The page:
Notice: Undefined index: HTTP_X_FORWARDED_PROTO in /home/customer/www/vallejogallery.com/public_html/admin/datacon.php on line 11

Warning: Cannot modify header information - headers already sent by (output started at /home/customer/www/vallejogallery.com/public_html/admin/datacon.php:11) in /home/customer/www/vallejogallery.com/public_html/admin/datacon.php on line 12
Sandbaggers Racing :: Archibald Cary Smith :: Vallejo Demo

Archibald Cary Smith 
Sandbaggers Racing
⚈ Sold
American (1837-1911)

Oil on Canvas Dated 1867
18 x 28¼ Inches 27¼ x 37¼ Inches Framed
Signed LL: A. Cary Smith.67.  
   

Archibald Cary Smith 
 
American (1837-1911)
 
Sandbaggers Racing
⚈ Sold

Oil on Canvas Dated 1867
18 x 28¼ Inches 27¼ x 37¼ Inches Framed
Signed LL: A. Cary Smith.67.  
   

A race well underway and Archibald Cary Smith was evidentially on hand to have painted this fine representation of the day’s event. A capable yacht racer, it is likely that the primary gaff-rigged shoal draft speedster is smith’s own sandbagger. The accuracy of the painting shows A.C. Smith’s active familiarity with these popular yachts. It is recorded that many of the wealthiest members of the New York yacht club would slip off to race their sandbaggers when the competitive spirit of the prestigious club events inspired them to personally take the helm.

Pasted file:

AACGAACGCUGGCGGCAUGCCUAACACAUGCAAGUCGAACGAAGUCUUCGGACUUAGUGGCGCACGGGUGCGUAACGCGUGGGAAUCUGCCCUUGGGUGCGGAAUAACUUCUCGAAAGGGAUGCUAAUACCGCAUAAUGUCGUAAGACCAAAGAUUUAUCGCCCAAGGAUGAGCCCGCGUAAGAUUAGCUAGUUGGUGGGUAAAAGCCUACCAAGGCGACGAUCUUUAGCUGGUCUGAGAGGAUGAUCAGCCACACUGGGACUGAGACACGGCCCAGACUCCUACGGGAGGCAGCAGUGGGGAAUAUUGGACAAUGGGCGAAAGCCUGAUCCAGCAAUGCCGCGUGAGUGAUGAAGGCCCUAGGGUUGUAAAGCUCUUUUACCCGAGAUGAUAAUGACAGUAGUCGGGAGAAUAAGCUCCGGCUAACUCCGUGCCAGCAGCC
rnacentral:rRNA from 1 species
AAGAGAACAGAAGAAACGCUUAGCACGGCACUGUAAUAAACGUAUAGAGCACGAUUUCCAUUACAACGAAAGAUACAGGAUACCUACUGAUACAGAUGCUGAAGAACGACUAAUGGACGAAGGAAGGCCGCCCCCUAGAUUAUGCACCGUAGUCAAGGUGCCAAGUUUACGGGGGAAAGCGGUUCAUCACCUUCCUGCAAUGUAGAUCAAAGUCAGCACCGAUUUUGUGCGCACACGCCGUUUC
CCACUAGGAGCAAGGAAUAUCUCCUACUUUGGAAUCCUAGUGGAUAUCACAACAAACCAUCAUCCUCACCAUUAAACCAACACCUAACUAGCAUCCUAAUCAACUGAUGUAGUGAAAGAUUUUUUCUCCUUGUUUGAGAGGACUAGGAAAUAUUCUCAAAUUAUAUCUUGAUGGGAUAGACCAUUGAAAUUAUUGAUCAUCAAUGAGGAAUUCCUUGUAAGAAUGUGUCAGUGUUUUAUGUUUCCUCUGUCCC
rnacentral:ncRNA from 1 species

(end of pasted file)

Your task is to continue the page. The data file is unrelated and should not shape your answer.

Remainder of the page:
Smith’s first ship was comet, an 18' catboat which he designed, built and raced. He would go on to design nearly every type of yacht in his 56 year career. The sandbagger hull was nicknamed the ‘skimming dish’, and primarily only the rig differed from the slightly smaller catboats. Each racer wears an identifying red course pennant at the main for the judges’ reference, one of whom is armed with a spyglass, while others excitedly point out the action.

Superior results achieved in his artistic and architectural pursuits, this painting shows smith’s mastery of each. It has survived in its original unlined state and is in excellent condition. The brilliant coloration is finished with the artist’s full range of shadow and light, employing an interesting technique of illuminating the waves with multiple hues mixed within the water. Note the spectacle of a ship knocked down, her crew riding on the windward rail to keep her righted and underway. Several others stow their rigs, while the apparent winner flies an American ensign and a three-flag code probably announcing their elapsed time for the observers. The sloop LEONOA appears at rest, her sail furled and watching the action, while her name pennant flies on the main behind the foremost sandbagger. Complete in every sense for a period yacht painting; a top work by this artist.